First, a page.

The Pitch: Apple TV+ has been searching for a big show to serve as its first hit, since unveiling the streaming service last November. Could it be Central Park, a half-hour animated musical comedy from the creator of Bob’s Burgers and featuring a massive voice cast including Kristen Bell, Josh Gad, Stanley Tucci, Daveed Diggs, and Leslie Odom, Jr.? The streaming service’s metaphorical fingers are tightly crossed.
Breaking Into Song: Any fan of the Fox animated sitcom Bob’s Burgers knows that the show isn’t shy about having its characters break into song, or about having music be an overall major part of its wacky hijinks in a seaside town where the eponymous restaurant resides. The Belcher family is very, very weird: there’s burger chef Bob, his gleeful wife Linda, his boy-obsessed teenage daughter Tina, his keyboard-obsessed son Gene, and his bunny-ear-wearing youngest daughter Louise. After nearly a decade on the air, Bob’s Burgers has established itself as one of the funniest, most underrated comedies on television. So, anything new from creator Loren Bouchard and writer Nora Smith should be a cause for celebration.
Central Park is the result of Bouchard and Smith coming together with what feels like a fairly free rein, with a perhaps unlikely co-creator in Gad, best known for providing the voice of the most chipper snowman in the world, Olaf from the Frozen movies. At first blush, it’s easy to see some of the parallels between Bob’s Burgers and Central Park. Both shows focus largely on a family unit, with a straight-man dad, exuberant mom, a boy-obsessed daughter, and an outrageous son. In both shows, there’s an oddball rich character voiced by one of the great actors of his generation. In Bob’s Burgers, it’s Kevin Kline. In Central Park, it’s Tucci in a gender-bending role as a grouchy socialite with the goal of gutting NYC’s Central Park, and the aforementioned Tillerman family trying to fight back with dad Owen, who serves as the park manager, leading the charge.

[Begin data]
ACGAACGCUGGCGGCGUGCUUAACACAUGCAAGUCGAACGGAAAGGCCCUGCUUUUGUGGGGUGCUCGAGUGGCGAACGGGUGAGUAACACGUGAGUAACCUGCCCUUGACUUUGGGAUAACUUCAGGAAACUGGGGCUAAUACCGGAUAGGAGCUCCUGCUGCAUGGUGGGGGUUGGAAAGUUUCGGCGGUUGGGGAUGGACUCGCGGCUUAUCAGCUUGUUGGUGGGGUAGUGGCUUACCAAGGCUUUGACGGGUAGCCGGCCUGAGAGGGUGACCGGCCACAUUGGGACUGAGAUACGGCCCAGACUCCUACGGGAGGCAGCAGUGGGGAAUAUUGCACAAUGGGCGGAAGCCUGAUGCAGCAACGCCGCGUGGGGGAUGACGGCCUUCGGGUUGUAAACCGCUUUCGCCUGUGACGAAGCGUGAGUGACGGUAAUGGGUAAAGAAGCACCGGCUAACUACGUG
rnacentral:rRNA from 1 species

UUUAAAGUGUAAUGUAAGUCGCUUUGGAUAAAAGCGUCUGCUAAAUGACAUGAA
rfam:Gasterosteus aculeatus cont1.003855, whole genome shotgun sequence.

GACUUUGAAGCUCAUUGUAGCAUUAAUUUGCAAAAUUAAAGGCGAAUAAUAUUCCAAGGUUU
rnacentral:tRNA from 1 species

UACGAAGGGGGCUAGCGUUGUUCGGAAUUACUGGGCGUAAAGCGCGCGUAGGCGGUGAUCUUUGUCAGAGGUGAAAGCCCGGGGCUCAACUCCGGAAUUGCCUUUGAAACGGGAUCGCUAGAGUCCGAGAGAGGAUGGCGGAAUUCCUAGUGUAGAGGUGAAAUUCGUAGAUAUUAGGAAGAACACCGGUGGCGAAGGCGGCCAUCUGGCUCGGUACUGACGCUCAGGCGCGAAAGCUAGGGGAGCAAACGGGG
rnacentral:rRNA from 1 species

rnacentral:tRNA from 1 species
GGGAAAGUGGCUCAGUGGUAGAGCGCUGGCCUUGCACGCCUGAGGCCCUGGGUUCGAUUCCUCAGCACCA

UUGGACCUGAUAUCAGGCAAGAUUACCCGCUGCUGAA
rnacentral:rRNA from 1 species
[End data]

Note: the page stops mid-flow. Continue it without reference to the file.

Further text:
Pay Attention: That premise is, you may note, where the similarities end. Central Park, through the first four episodes (the first season is 13 episodes long, but just four installments were made available to critics at press time), is a somewhat serialized show where you need to pay attention to what’s going on, a slightly odd fit for Bouchard and Smith. That slightly odd fit extends to some of the characters, such as the street busker voiced by Gad. He serves as the show’s narrator, a role that is so unnecessary that half of the songs and dialogue featuring are dedicated to clarifying that his character definitely serves a purpose. The more time that Gad’s character tags along with members of the Tillerman family, primarily Owen, the more time it’s painfully clear that his character could be removed from the show entirely and the rest of the story would be unchanged.
The serialization at the core of Central Park is also somewhat baffling. It’s not that the premise — a very old rich person wants to gut something well-liked by other people, simply because they can’t stand it — is hard to swallow. (The sad truth is, it’s extremely believable.) Instead, the problem is that a show like this, whose first four installments range between 22 and 29 minutes, has too much to handle in its short running time. There’s the continuation of the story itself, the expansion of the Tillerman family’s oddball personalities (and their interaction with side characters), in addition to the extended song sequences that take up much of the episodes themselves.